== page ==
CONTEST! Five Deer Mice: Aztec Mouse, California Mouse, Canyon Mouse, Gleaning Mouse, Hooper’s Deer Mouse
Those of you who have been following the Daily Mammal from the start know how daunting the rodents are. Nearly half of the 5,000 named mammal species are rodents, and as Ivan T. Sanderson says in Living Mammals of the World, “whole slews of these look almost exactly alike.” Not only are there are thousands and thousands of them, something I had not considered when I decided to begin this project, but there aren’t very good photos of a great many of them. A while back, I drew a set of five sleeping dormice, and found it heartening to check several rodents off the list at once. Here’s another of those multi-mouse drawings. This time we’re tackling five deer mice (major hantavirus carriers), of the Peromyscus genus.
I didn’t have photographs of a single one of these mice. Instead, I had photographs of Peromyscus species that are much more common in the US, and I had very detailed descriptions of these five species from the species accounts in Mammalian Species, which I download in PDF from Virginia Hayssen’s website. Now, let me tell you, I do not as yet speak the language of zoology, but I’m going to learn it. There are standard names for describing animals’ fur, or pelage, as we mammalogists call it: ochre, buffy, tawny, and a wash of brown may all mean tan to you and me, but not to those whose eyes are trained to discern the nuances. Would my biologist readers let me know where I can get a chart or something that shows what those colors really are? I read that Munsell Soil Color Charts are used for describing pelage—is that where these names come from? I’d like to know.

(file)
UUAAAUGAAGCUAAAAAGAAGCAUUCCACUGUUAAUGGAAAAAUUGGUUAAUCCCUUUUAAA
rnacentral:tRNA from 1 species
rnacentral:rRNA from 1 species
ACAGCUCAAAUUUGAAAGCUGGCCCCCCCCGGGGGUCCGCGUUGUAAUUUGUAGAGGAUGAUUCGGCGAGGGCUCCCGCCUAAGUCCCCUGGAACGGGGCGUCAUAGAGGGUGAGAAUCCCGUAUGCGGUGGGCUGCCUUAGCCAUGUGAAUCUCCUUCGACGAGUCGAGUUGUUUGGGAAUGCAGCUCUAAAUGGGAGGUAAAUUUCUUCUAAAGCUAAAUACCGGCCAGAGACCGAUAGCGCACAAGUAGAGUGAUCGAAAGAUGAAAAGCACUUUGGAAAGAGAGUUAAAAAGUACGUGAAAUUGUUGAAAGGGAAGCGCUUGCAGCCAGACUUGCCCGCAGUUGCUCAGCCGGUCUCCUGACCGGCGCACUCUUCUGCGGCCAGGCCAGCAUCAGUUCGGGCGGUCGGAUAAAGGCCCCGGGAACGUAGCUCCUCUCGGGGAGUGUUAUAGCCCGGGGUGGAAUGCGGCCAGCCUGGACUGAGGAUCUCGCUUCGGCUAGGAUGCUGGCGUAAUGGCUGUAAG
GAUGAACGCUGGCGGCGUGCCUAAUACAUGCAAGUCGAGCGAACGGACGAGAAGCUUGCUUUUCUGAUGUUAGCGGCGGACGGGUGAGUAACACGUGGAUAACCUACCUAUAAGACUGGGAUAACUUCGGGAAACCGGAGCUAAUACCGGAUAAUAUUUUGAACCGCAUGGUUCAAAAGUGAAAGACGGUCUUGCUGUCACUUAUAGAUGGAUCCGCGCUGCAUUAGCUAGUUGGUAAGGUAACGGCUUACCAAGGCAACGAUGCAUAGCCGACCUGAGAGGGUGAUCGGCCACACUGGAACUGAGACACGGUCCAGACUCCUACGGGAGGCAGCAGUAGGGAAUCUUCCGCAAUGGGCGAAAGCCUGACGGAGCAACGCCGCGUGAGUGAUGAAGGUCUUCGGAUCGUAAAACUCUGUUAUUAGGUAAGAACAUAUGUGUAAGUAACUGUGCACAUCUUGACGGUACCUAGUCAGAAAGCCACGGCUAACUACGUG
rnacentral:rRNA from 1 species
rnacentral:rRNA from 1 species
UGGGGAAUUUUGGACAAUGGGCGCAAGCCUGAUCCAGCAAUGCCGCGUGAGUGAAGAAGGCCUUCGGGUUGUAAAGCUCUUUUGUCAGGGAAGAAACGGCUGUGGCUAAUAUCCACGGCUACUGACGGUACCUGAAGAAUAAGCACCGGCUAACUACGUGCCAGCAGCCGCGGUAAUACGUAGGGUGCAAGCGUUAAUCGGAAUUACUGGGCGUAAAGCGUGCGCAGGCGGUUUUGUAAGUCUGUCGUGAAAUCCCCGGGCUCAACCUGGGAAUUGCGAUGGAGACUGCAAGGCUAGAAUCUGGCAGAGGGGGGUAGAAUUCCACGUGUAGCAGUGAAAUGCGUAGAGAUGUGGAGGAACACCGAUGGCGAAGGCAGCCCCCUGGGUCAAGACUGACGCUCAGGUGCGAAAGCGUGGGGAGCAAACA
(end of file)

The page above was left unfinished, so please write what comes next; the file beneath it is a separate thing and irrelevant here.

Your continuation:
Anyway, in drawing these mice, I had only the scientific descriptions to go on, and only my experience with acrylic paints to help me decipher the meaning of the colors. (Well, that and the fact that I’ve known three cocker spaniels named Buffy.) Here’s where you come in.
CONTEST: I’m going to type, below, some hints from the descriptions of these mice. The first person to identify in a comment to this post which of the five is which wins this drawing, matted and ready for framing. Ted is not eligible. Here we go.
Aztec mouse (P. aztecus):
- Dorsal coloration is pale ochre mixed with black
- Sides are reddish
- Underparts are light buff
- A black orbital ring is present
- Size is medium
California mouse (P. californicus):
- Annulations are not thoroughly concealed
- Color is generally blackish brown above, sides ochraceous-tawny, venter pale olive gray to buffy brown
- Largest species of the genus in the United States
Canyon mouse (P. crinitus)
- Feet white
- Dorsal pelage silky
- Dorsal individual hairs lead-gray at base, succeeded by ochraceous to buffy subterminal band, and tipped with brown or back; dark grayish bases of hairs sometimes visible through buffy to pale grayish shade of dorsum
- Hairs of forehead, nose, and face appearing slightly more grayish than body
- Venter white
- Size small to medium for genus
Gleaning mouse (P. spicilegus)
- Unworn pelage has upperparts rich, tawny approaching ocherous rufous, dusky and dusky-tipped hairs uniformly distributed throughout upperparts
- Black or nearly black orbital ring extends posteriorly into a grizzled area between the eye and the base of the ear
- White feet
- Tail blackish-brown above, white below with coarse annulations
- Medium in size for the genus
Hooper’s deer mouse (P. hooperi)
- Upper parts grayish with faint to moderate wash of brown
- Underparts pale cream
- Hind feet and lower legs whitish
- Medium size for genus